Let’s face it, relationship spats are interesting. A relationship spat while the fate of the world is at stake? More interesting. And it doesn’t have to be your cliched “should I save him or should I save the world?” story. Give the writers a little credit. They can come up with something awesome. Some of the most interesting “discussions” my wife and I have are over our differences of belief or opinion. Because of these discussions, I often find out more about my wife, and I love her more because of it.

Now imagine this on a cosmic scale. Pretty interesting, I’d say.

4. It’s time for something a little more new.

I know that Superman and Wonder Woman have been explored as a couple before, but never in a long-term way. I don’t think that Superman and Wonder Woman can worm their way past nearly 75 years of people being used to Supes/Lois, so give them a little time to make things interesting.

Superman has been pining for or dating or married to Lois Lane for a long, long time. Let’s try something new. Comic book characters are constantly in danger of becoming overly stagnant, so anything that injects a little newness into the story is more than welcome in my book.

5. Super couples can work.

Sue and Reed Richards show what a relationship of equals can offer comic book stories. Cyclops and Jean Grey are also a good example of a superpowered couple fighting the good fight together. It can most definitely work storywise. I’d love to see it work with two of the most powerful beings on Earth.

From a DC universe standpoint, it could be awesome. It could be frightening. It could end up like Antony and Cleopatra. I don’t know, but I’m excited to find out where it goes.

Tagged , , , , ,

The (Late) Week in Geek: Aug. 24, 2012

Ok, so this is really “Last Week in Geek.”

Believe Wonder Woman by Kerrith Johnson

Artist Kerrith Johnson has a series of these “Believe” posters on his DeviantArt page. They’re quite worth the looksie. Image courtesy of Kerrith Johnson.

It’s late mostly because I’ve been in the process of moving Kiphart World Headquarters across the state. I’m sorry I left you without conversation topics all weekend, but I’m here to make sure you’re twice as interesting this week!

The world mourned astronaut Neil Armstrong. He voyaged further than any of his predecessors, set foot on the shores of the moon, but still returned to his homeport.

Comic artist, writer, letterer, and inker Karl Kesel is selling his personal collection to help cover adoption fees and medical bills for his new son, Isaac. I’m not tearing up; it’s just really dusty. I told you, I’ve been moving.

The new “Borderlands” game will feature a “Best Friends Forever” skill tree, or as the lead designer calls it, “Girlfriend Mode.” Causal Girl Gamer Gabrielle wonders if it’s really worth all the hubbub.

Only days away from seeing the good Doctor, the BBC gives us a look at “Pond Life.”

Nic Cage and his hairline are starring in a taken ripoff called….wait for it….oh crap, you already guessed it! Stolen. Thank you, gods of the Internet and cocaine-fueled movie executives for this gift.

superman_x_wonderwoman_by_zuthell-d42r1xc

Do not think he saw that coming. Image courtesy of Zuthell on DeviantArt.

Want to know what happened in the season five finale of “True Blood?” Here you go.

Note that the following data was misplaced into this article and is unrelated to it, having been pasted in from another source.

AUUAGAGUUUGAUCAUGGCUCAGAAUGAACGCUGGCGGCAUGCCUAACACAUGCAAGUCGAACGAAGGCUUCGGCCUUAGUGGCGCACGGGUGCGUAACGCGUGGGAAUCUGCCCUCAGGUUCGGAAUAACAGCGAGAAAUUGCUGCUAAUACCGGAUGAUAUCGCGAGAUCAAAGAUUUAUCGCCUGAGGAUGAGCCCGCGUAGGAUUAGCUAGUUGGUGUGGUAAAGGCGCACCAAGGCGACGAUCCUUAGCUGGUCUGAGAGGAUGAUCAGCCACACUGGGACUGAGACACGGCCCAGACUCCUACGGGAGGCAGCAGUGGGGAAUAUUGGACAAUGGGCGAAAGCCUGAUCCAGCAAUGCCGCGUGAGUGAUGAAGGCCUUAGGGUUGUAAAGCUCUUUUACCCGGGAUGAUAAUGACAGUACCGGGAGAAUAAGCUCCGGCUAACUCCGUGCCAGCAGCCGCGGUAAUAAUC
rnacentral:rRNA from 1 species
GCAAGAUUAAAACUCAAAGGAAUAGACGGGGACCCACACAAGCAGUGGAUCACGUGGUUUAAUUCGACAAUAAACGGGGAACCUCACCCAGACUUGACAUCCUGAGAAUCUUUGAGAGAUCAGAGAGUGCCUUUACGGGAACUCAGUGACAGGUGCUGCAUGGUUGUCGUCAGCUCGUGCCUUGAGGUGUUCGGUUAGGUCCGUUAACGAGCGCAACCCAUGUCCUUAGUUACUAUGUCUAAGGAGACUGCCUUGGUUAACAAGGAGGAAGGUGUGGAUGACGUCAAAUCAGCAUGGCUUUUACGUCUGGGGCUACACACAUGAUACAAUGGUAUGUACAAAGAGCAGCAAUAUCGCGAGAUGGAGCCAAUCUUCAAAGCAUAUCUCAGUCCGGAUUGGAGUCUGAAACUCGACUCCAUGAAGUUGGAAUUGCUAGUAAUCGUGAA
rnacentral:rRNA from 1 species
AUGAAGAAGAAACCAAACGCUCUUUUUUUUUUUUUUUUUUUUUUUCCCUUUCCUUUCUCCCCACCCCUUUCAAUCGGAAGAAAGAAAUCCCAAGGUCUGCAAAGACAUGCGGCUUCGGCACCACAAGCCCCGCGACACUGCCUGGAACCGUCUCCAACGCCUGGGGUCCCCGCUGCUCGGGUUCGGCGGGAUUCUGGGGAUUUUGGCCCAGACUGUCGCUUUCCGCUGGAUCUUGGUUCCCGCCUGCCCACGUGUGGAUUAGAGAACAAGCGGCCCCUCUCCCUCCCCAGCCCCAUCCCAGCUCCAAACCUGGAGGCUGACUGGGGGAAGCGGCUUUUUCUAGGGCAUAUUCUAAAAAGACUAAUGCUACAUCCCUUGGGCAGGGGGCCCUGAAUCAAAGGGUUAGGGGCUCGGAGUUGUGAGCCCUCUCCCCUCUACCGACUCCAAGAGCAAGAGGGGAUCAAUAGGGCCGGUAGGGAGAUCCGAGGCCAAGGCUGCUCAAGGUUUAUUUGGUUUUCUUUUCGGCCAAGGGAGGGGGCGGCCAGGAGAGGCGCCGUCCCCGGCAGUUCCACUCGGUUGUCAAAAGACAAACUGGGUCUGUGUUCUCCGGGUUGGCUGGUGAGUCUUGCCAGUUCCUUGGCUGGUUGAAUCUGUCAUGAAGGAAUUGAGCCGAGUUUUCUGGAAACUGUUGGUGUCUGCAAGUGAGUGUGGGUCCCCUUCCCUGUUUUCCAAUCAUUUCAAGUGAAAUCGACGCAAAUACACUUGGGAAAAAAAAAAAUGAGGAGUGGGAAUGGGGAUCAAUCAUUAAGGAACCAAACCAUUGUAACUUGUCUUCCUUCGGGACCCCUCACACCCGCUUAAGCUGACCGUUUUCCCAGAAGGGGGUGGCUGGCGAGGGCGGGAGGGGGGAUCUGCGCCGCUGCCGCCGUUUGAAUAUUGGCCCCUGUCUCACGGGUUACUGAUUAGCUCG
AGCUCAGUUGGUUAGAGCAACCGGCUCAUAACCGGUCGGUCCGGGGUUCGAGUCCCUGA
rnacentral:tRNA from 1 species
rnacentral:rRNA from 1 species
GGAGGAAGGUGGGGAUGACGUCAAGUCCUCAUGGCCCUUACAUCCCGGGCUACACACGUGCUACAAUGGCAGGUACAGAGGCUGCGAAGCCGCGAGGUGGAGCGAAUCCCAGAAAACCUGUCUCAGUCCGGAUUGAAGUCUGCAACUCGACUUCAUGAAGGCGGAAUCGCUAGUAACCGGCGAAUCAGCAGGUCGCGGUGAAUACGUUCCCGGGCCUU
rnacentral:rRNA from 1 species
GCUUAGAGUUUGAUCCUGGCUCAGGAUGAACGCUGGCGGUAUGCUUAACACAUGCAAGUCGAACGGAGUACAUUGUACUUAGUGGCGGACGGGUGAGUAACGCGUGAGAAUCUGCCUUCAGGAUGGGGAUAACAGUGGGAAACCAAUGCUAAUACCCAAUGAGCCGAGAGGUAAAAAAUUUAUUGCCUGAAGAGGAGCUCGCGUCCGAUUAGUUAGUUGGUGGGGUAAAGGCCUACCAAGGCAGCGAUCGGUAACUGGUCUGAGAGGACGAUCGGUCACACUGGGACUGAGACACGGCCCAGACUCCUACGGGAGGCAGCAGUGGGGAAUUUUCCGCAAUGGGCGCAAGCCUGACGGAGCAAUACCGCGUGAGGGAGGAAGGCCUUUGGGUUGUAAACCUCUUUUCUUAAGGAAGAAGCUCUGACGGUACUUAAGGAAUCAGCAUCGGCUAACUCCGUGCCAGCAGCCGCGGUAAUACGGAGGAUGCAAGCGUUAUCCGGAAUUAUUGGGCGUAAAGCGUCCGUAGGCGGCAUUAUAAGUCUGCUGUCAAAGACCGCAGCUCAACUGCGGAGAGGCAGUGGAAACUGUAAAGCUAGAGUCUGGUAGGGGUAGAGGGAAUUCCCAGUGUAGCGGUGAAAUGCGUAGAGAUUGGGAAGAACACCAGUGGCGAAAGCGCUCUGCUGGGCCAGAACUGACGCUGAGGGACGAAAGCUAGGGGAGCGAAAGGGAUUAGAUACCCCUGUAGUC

Rob can barely contain his excitement for anything Quentin Tatantino touches.

Because at their core comics are sort of like high school, the quarterback is totally taking the head cheerleader to Make Out Point. Superman and Wonder Woman are all up in each other’s business.

Speaking of doing personal things in public (They’re up in the sky! Anyone can see them! Get an ice cave, you two!), today is Read Comics in Public Day.

No big secret or surprise, I am both liberal and in possession of lady parts. Which is why I just fawn over the President’s response to Sen. Todd Atkins’ insanity.

TJ has found neat stuff lurking on Kickstarter, behind the motivational tapes for cats.

Seth Green’s long-promised “Star Wars” comedy show may turn out to be the least-disappointing “Star Wars”-related production since the “Clone Wars” cartoon.

Felicity wonders when the presidential election went from a campaign to a competition in stupidity.

Tagged , , , , , , , , ,

DC Comics Reviews — Red Hood and The Outlaws

Alright boys and girls, it’s time for another DC comic review. I’m still playing catch up, so let’s get straight to my ratings on the number 2 issues.

DC’s “New 52” Issue 2

Green Lantern – 4/5
Green Lantern Corps -4/5
Green Lantern: The New Guardians -4/5
Red Lantern -4/5
Batman -4/5
Batman And Robin -5/5
Batman: The Dark Knight- 3/5
Detective Comics – 4/5
Superman – 4/5
Action Comics -5/5
Wonder Woman -2/5
The Flash – 4/5
Aquaman -5/5
Justice League -5/5
Nightwing – 4/5
Suicide Squad -5/5
Red Hood And The Outlaws -4/5

Now that the ratings are out of the way, I’m going to do something different and review a comic that has not gotten my “Best Of” criteria.  It’s one of the brand new titles, Red Hood And The Outlaws.

Image courtesy of ing.com

Sidekicks going anti-heros…how cool is that?  I say it’s pretty amazing.  Since the release of the animated film Batman: Under The Red Hood, Jason Todd has been gaining a following of fans.  That’s kind of surprising for a guy that was voted by the fans to be killed a few years ago.  But thanks to a retconned DC universe, the former Robin is back, armed to the teeth with a take-no-prisoner attitude and a few deadly weapons.

He’s not alone. Joining him are two former teen heroes: Arsenal(Formally Speedy/ Red Arrow) and Starfire.